Friday, November 29, 2013

The Importance of Setting up Goals

My financial mentor told me once, “To be able to go to your destination you must have a clear picture of your destination and a plan on how to do it.

Family finance is different from personal finance because on the first you will deal with several people with different ideas, sometimes with not aligned goals and time lines. A harmonious relationship should have in-sync goals and timelines with complementary ideas. So the first thing to do is to talk to each other and agree on a particular goal and be willing to review them from time to time.

Our family finance has gone an overhaul when we both wanted to purchase a car. He wanted a second hand car while I wanted a brand new car. We were discussing the different scenarios for quite some time until he came up with a decision and convinced me to jump in the boat with him.

We are gearing towards the end of the year so I think it’s about time to rethink our financial goals and plans in the next few years or so.

Here is a clear picture of our budget and savings plan.

*Short Term Goals (those that can be achieved within 3 years)
short term goals
savings per month
emergency fund

pregnancy fund**
car fund

**pregnancy fund will become baby fund when applicable

*Mid Term Goal (those that can be achieved in 5 years)
mid term goals
payment per month

*Long Term Goal (those that need more than 10 years)
long term goals
savings per month
investment surplus

educational fund
retirement fund 2.0

We also came up with our monthly spending plan which I think would make us more organized and more conscious of our spending.
household expenses
Association Dues
Electric Bill
Water Bill
Internet and Cable
Paul's allowance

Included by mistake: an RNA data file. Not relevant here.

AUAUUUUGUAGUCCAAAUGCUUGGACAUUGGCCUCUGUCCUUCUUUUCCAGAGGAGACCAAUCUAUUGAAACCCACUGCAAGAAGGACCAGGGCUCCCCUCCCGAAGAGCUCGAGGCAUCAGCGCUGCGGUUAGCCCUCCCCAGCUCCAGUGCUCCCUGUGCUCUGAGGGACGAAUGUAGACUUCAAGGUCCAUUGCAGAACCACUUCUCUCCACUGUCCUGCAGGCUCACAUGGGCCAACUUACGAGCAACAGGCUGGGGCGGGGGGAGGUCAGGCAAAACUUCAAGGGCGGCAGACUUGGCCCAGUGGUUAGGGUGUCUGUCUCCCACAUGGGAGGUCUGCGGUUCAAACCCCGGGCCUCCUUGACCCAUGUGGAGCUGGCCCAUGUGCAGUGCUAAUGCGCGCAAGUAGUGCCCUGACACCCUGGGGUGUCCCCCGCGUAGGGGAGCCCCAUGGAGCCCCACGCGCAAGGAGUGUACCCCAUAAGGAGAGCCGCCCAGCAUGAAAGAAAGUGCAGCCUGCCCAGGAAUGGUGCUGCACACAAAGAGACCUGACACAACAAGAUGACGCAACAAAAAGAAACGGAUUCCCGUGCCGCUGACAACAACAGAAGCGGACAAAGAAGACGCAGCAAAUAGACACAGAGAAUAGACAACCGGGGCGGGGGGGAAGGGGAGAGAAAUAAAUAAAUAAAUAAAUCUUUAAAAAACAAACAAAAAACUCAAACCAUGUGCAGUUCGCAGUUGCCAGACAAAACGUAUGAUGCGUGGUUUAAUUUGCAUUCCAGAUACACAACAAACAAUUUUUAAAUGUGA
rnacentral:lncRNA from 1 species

Millette's allowance

With these savings and expenses laid out, we also need to utilize all our bank accounts to accommodate each expense so that it’s more organized and become pretty straight forward.

Yey brighter future. ;)

PS: Insurance payments included in allowances. * 

Till next time.

Monday, November 25, 2013

Look back for the lesson, move forward for the future

Past is past and the only things that we can learn from it are the lessons. Anybody can forget the past but never forget the lesson. If you have done something wrong in the past then let it be. It’s time to make a conscious choice of living in the present and hoping for the future.

This is also true when it comes to finances. You may have lost a lot of money during your early years because you felt that having a lot of pretty knick-knacks are the things that will make you the “it” person of your times. You may have been a travel junkie and have visited all the 80 provinces in the Philippines and maybe a few outside the “perlas ng silanganan.” These dramas are okay because the fact that you are reading my blog about finances is a conscious realization that you want to change something in your finance now. J

As I’ve said, it’s time to move on. Make the right decisions today to improve your financial life and work towards financial stability. You cannot go back in time and collect every single centavo that you’ve spent. Acknowledge that you have done wrong and admit it. That will only be the time that you will start to accept the reality and move forward. First focus on how much you are making today and start saving small percentage of it – say 10%. Then increase as necessary. If you have built the habit of saving then create emergency fund and start looking for other (legit) high yielding funds. As long as your savings plan has a goal, you will surely end up with it sooner or later.

Happy saving and investing. J

Saturday, November 23, 2013

Do you feel miserable when budgeting?

I have read so many blogs about budgeting having the common description as “necessary evil.”

It may seem to be that way but for people who are used to it see it as a need for the family finance to work smoothly. For me, budgeting should not hinder your personal satisfaction. Rather, see it as your guide in achieving your personal goals. If you really want the new gadget then budget your way to it. It also pays to be smart and reasonable when choosing your goals.

Make budgeting fun!

Budgeting can be FUN!

Why not make a dream board and put the pictures of your goal/s in it then make it a habit to track how much you have saved for it? Fun isn’t ist?:)

Budgeting can be EASY!

Budgeting is easy. My personal strategy is “Save first then never mind.” Let me clear this. What I mean to say is, I save first then make the remaining money enough for me until I get my next pay. For example, I want to buy a bike worth 6000Php. I’d like to buy it 3 months from now. So I will be computing how much I should be saving for the next 3 months to realize my dream.